Spirituality in the Anime Blogosphere: Amazing Grace of Eureka 7, Anime Cons = Anti-Christian, and Homura the Evangelist

This week was particularly rife with great posts and articles relating to anime and religion, mythology, or spirituality.  Let’s get to them!

Anime News Network posted a report on mangaka Kazuo Koike’s interview with Madoka Magica writer, Gen Urobochi.  Among the things they discussed was Madoka’s ultimate status and the role she and Homura played by the end of the series [Anime News Network]:

When asked about Homura’s position at the end of the work, [Gen Urobochi] described her as an evangelist who is the only person within the world she lives in who understands Madoka’s existence and role.

Mike Huang, who once graciously wrote an aniblogger testimony for us, posts a wonderful piece reflecting on some events of his youth and drawing comparisons to Ano Natsu de Matteru for the Diary of an Anime Lived series.  Much of the story takes place at a Christian youth retreat and Mike’s memories about how those teens acted is telling (and unfortunately, not unique). [Anime Diet]

Tommy calls anime conventions a “culture of hate,” explaining what he sees as an anti-Christian attitude exhibited by con attendees. [Anime Bowl]

JoeAnimated talks about the redemption of three important characters in Eureka Seven, framing his post around the hymn, “Amazing Grace.” [We Remember Love]

Marina chats about real life speculation involving transplanting a “soul” along with organs, while discussing the surprising turn in episode 3 of Area no Kishi. [Anime B&B]

Bitmap surmises that kijimuna spirits, famed in Okinawan culture, are the models for robot characters in the anime, Asobi ni Iku Yo!. [The Untold Story of Altair and Vega]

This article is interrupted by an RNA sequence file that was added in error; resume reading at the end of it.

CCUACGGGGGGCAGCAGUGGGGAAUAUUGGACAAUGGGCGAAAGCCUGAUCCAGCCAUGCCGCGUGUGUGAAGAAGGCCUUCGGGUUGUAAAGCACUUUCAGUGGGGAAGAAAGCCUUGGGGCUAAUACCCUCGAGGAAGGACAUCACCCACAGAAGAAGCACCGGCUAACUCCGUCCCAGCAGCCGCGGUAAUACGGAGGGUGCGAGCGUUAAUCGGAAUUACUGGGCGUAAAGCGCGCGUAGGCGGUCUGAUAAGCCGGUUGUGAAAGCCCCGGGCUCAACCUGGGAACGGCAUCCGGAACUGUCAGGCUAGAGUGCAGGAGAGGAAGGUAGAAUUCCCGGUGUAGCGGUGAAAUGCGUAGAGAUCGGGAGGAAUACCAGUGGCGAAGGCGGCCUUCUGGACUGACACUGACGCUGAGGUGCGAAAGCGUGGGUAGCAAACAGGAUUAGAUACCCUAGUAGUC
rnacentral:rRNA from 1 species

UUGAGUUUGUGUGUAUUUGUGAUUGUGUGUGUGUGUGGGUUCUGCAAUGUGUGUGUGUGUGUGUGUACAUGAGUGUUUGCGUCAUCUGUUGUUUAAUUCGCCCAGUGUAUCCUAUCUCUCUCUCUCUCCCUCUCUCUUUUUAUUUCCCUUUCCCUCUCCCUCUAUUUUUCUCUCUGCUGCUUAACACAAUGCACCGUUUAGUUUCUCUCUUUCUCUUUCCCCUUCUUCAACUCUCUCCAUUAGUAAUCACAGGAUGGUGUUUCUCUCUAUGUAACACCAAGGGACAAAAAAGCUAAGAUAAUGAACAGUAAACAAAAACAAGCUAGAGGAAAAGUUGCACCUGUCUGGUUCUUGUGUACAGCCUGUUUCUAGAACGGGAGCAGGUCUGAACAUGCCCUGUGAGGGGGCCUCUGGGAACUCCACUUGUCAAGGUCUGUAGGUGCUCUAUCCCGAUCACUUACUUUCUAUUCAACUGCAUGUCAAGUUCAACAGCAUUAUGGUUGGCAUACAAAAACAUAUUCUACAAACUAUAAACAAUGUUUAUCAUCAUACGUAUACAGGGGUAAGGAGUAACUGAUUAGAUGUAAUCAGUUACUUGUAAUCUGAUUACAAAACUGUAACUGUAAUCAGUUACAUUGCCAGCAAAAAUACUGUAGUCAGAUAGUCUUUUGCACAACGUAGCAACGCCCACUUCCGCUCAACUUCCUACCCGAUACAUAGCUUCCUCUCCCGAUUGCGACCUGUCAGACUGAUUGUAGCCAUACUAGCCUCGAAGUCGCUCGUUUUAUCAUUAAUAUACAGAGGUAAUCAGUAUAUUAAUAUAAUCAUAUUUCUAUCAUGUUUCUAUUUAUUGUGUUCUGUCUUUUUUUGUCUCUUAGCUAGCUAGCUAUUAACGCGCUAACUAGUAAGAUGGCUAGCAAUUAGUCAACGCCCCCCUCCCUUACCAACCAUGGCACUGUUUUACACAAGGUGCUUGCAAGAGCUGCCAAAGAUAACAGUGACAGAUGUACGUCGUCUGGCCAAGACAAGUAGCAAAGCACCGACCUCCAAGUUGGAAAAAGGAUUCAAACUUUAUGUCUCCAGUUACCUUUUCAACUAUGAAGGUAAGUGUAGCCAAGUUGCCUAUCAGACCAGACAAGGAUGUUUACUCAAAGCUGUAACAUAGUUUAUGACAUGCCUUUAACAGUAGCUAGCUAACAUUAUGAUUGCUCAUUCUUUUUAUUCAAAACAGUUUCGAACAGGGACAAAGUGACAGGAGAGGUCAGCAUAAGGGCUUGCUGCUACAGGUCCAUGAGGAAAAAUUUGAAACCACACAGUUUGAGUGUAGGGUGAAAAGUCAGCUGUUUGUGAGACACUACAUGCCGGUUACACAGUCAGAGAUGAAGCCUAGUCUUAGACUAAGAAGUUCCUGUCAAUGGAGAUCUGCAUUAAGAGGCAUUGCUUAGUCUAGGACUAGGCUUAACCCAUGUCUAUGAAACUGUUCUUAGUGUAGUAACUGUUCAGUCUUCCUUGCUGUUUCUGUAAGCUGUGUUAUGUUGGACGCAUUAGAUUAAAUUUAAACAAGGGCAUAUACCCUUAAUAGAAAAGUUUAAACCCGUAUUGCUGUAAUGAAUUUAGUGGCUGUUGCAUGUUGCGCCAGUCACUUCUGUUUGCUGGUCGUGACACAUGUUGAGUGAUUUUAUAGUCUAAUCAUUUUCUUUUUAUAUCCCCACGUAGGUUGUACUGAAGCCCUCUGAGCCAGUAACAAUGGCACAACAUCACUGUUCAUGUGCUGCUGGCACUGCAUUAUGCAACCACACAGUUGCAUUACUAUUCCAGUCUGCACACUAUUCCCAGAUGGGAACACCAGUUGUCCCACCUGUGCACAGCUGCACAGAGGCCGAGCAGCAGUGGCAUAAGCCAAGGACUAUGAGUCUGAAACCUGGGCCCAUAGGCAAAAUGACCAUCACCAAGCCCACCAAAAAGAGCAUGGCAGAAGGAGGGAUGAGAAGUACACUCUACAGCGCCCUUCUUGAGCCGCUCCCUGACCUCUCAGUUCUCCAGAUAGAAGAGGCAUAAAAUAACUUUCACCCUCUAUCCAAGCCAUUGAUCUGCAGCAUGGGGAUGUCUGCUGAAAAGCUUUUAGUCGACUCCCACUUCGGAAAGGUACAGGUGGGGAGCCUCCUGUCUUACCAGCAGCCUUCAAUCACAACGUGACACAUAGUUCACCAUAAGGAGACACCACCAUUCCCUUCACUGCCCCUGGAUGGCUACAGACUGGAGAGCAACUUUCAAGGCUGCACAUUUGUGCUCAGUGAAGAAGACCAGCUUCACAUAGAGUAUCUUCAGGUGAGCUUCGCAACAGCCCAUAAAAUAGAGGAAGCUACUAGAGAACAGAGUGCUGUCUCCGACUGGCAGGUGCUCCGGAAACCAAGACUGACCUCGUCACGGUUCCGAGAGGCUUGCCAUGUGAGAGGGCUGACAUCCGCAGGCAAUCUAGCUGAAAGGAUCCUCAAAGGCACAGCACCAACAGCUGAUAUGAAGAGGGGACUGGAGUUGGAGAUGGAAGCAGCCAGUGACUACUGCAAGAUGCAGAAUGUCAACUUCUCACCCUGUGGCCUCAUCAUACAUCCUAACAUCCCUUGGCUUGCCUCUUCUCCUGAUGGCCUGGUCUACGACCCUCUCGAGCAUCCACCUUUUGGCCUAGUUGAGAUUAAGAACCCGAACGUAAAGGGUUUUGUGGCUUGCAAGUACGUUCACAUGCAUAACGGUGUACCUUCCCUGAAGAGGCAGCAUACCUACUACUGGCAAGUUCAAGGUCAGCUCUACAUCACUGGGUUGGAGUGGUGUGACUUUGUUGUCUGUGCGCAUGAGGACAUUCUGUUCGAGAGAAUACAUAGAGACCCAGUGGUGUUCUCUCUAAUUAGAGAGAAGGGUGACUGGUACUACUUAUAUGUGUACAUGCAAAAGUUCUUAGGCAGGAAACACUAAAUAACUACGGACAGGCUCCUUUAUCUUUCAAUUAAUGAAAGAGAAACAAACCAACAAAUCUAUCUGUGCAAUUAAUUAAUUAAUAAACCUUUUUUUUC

Kermit Bayless relates his New Year’s experience in Japan, including attending hatsumode, sleeping in a capsule hotel, and seeing loud, sign-holding, Japanese street evangelists. [Jesus Loves Japan]

Cyberpunk addresses what she sees as the unsettling end to Texhnolyze, calling the series an “eschatological heresy.” [Cyberpunk]

Landon draws some great connections between Greek mythology and Shin Mazinger Z.  Warning: click on the link only if you’re not adverse to f-bombs. [Mecha Guignol]

Richmond Lee presents a series of interesting connections between Buddhism (his religion) and the game, Asura’s Wrath. [Kotaku]

Hippiefreak reviews Saint Young Men, giving a brief overview of the series and giving recommendations on how believers and non-believers might take it. [Anime Tree]

In a post on episode thirteen of Fate/Zero, Sofiel mentions her own reservations about Christianity when discussing the much-dissected discussion between Caster and Ryunnosuke. [Hiroi Sekai]


9 thoughts on “Spirituality in the Anime Blogosphere: Amazing Grace of Eureka 7, Anime Cons = Anti-Christian, and Homura the Evangelist

  1. Thanks for the linkback! Yeah, one of the reasons why I’m still rather cynical about the Christian subculture (though not Christ!) is that even in youth group it didn’t feel all that different from middle school or high school. But I had a few crucial lifelines: that Sunday School teacher in the story, an unusual and perceptive youth pastor, and a few stalwart friends. It didn’t help that I took myself waaaay too seriously then and in retrospect was a bit of a stuck up snot. We’re all human at the end of the day and whatever good we have or do isn’t ours.

    1. Thanks for the comments, Mike – I’ve seen/experienced similar things in youth group and later in college, so I share some that cynicism.

  2. Thanks for the linkback as well!
    I’ve mentioned personally that I’m no catholic but I did take a class in catholicism and I understand many things that I have not understood before.
    Now that I look at the anime world, I can see that Christianity isn’t the most saavy thing out there

        1. Haha, woops, sorry. You’re absolutely right there. I can’t blame them, though, since the country has so few Christians.

    1. No problem! I’ve been following your writing and enjoy it – I’m also a father (of two), and I enjoy reading your posts, from the perspective of a parent.

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